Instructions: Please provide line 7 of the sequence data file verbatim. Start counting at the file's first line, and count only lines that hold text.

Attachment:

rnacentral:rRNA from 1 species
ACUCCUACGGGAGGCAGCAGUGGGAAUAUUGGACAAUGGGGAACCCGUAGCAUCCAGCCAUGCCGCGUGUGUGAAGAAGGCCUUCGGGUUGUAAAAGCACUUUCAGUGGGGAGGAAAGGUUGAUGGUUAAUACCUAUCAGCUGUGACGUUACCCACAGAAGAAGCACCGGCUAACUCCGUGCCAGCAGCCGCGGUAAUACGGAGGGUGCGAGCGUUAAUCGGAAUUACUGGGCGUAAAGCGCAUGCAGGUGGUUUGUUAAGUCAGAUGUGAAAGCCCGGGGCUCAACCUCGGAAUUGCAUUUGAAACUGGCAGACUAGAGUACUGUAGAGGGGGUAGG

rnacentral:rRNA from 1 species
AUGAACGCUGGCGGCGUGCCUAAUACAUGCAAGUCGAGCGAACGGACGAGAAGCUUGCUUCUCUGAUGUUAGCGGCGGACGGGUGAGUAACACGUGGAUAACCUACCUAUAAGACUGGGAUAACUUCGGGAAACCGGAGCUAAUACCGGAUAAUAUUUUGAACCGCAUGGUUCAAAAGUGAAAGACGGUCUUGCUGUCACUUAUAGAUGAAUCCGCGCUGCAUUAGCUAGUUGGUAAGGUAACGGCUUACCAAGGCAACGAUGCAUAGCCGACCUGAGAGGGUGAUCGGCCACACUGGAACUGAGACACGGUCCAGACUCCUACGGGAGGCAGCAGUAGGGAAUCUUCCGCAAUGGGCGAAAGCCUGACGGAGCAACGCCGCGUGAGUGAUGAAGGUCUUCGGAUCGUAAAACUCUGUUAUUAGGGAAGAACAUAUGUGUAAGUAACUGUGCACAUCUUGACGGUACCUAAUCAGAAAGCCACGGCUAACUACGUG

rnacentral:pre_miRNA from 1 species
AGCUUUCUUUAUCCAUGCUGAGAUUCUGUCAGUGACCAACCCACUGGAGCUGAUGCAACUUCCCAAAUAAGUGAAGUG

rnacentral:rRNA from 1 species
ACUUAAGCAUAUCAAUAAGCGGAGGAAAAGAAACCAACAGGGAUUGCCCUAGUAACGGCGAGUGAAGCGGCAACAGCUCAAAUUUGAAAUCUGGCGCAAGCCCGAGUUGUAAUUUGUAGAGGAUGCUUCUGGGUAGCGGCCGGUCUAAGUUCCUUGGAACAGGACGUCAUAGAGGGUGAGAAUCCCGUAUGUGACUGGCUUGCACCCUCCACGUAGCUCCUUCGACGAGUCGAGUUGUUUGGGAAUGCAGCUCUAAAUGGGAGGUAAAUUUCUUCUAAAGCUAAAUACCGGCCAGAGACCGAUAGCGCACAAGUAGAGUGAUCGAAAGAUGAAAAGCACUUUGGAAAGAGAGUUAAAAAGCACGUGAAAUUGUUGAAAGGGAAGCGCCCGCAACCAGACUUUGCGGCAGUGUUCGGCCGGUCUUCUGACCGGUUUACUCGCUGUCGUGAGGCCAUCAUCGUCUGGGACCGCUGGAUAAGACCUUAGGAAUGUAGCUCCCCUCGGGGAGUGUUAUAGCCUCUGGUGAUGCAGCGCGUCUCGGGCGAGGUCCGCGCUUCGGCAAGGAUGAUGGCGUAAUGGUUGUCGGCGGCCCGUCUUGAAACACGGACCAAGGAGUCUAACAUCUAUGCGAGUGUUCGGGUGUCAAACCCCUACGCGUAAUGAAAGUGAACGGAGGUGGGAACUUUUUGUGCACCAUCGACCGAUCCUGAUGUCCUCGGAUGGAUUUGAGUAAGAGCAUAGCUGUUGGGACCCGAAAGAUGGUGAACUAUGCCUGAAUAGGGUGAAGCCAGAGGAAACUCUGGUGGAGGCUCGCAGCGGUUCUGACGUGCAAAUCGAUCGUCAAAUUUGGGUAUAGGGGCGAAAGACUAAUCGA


rnacentral:rRNA from 1 species